1.

## Example 1: Monochrome Isotropic sample

Isotropic samples show symmetrical data about the illumination axis of the measurement. The built-in sample file BrownVinyl.bsdf is an example of an isotropic BSDF.
It can be found under "{Zemax}\ScatterData\BrownVinyl.bsdf". Open the file in a text editor.

• There is only one wavelength (SpectralContent is set to Monochrome), so it means that there is one contiguous data group with one DataBegin and one DataEnd statements.
• The BSDF symmetry setting is set to PlaneSymmetrical, meaning that the azimuthal values are defined from 0 to 180 degrees.
So, the BSDF value for a radial angle = 10 and an azimuthal angle = 200 (180 + 20) is the same than the BSDF value for a radial angle = 10 and an azimuthal angle = 160 (180-20).

• Note the placement of Incidence angle groups, Azimuth angle groups, and Radial angle columns.
• This example only includes data for one sample rotation. If there are multiple sample rotations, the data group will have additional lines of data after the last data line, but before the DataEnd statement.

## Example 2: Monochrome anisotropic samples

Anisotropic samples show no symmetry in the measured data and so the distribution will vary with the sample rotation. Although OpticStudio can read Asymmetrical data (one sample rotation) or Asymmetrical4D (several sample rotations) in the symmetry setting of the BSDF data format, it is recommended to use Asymmetrical4D as an anisotropic sample will likely change with the rotation of the sample.

The file called asymmetrical4d_btdf_zemax.bsdf in the Download section is an example of a monochrome asymmetrical4D BSDF data format. It shows how to define an anisotropic sample.
There is only one contiguous data group, and one DataBegin and DataEnd statement. The BSDF symmetry is set to Asymmetrical4D, meaning that the azimuthal values are defined from 0 to 360 degrees. The file also contains different sample rotation values, as the BSDF will change against the sample rotation.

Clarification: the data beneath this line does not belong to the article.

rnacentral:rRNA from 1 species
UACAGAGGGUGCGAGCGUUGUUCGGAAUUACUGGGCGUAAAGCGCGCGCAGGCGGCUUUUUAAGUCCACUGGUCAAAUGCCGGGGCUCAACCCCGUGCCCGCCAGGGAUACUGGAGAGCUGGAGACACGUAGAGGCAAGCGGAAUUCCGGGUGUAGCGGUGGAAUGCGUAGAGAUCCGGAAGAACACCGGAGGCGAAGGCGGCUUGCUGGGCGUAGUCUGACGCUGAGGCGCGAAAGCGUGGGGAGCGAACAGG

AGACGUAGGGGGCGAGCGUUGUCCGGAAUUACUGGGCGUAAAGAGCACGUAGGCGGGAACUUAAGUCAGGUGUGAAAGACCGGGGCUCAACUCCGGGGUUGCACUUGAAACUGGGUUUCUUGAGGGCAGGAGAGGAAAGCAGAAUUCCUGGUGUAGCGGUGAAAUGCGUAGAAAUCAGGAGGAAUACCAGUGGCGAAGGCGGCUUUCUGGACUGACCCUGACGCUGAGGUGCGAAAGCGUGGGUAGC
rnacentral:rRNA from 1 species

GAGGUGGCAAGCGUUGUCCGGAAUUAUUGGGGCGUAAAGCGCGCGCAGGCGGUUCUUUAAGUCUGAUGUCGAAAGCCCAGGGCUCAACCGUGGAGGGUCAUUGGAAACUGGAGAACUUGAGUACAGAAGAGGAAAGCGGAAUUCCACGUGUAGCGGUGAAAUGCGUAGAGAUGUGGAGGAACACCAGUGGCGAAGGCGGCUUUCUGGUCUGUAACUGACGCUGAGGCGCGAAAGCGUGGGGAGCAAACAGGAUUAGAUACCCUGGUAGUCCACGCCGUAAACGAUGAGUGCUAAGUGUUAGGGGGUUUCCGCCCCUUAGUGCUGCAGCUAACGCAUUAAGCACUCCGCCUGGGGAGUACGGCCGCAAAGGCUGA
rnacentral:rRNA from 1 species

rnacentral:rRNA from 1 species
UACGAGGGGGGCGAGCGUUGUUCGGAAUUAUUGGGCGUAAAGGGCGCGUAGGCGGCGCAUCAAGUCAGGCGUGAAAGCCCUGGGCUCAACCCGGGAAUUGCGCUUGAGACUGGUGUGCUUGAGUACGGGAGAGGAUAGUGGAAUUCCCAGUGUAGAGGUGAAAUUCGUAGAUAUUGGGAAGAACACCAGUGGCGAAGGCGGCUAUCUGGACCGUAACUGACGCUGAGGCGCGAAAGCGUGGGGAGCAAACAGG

## FAQ

• OpticStudio can’t read my BSDF file. Is there an issue with the format?
The BSDF file is sensitive to formatting, so for any issues, we recommend opening the BSDF file with a text editor like Notepad++ and click on Show All Characters. The formatting should be identical to one of the attached examples.
• Are measured tabular BSDF with Radiant Vision System’s IS-SA direct given in the same format as OpticStudio?
Data from Radiant Vision System's IS-SA undergoes a rotational transformation to match this coordinate system, as the illumination axis of IS-SA is not defined at 0° Azimuth.
Note that the data appears rotated. Azimuth 0° is defined to be along the axis of illumination for this format, but the standard Imaging Sphere coordinate system (which is used to display this transformation) defines Azimuth 0° as normal to the axis of illumination, as shown in the top image.
• Can tabular BSDF in OpticStudio vary with the wavelength?
The Zemax Tabular BSDF data format can contain BSDF values for each Tristimulus XYZ. However, OpticStudio will only read the data for the Tristimulus Y.
An example is provided under Download. The file called XYZ_PlaneSymmetrical_btdf_zemax.bsdf is an example of the Color (XYZ) BSDF data format.
Note that each separate Tristimulus value has a separate DataBegin and DataEnd statement. If there are multiple sample rotations, each Tristimulus grouping will have additional lines of data after the last data line, but before the DataEnd statement.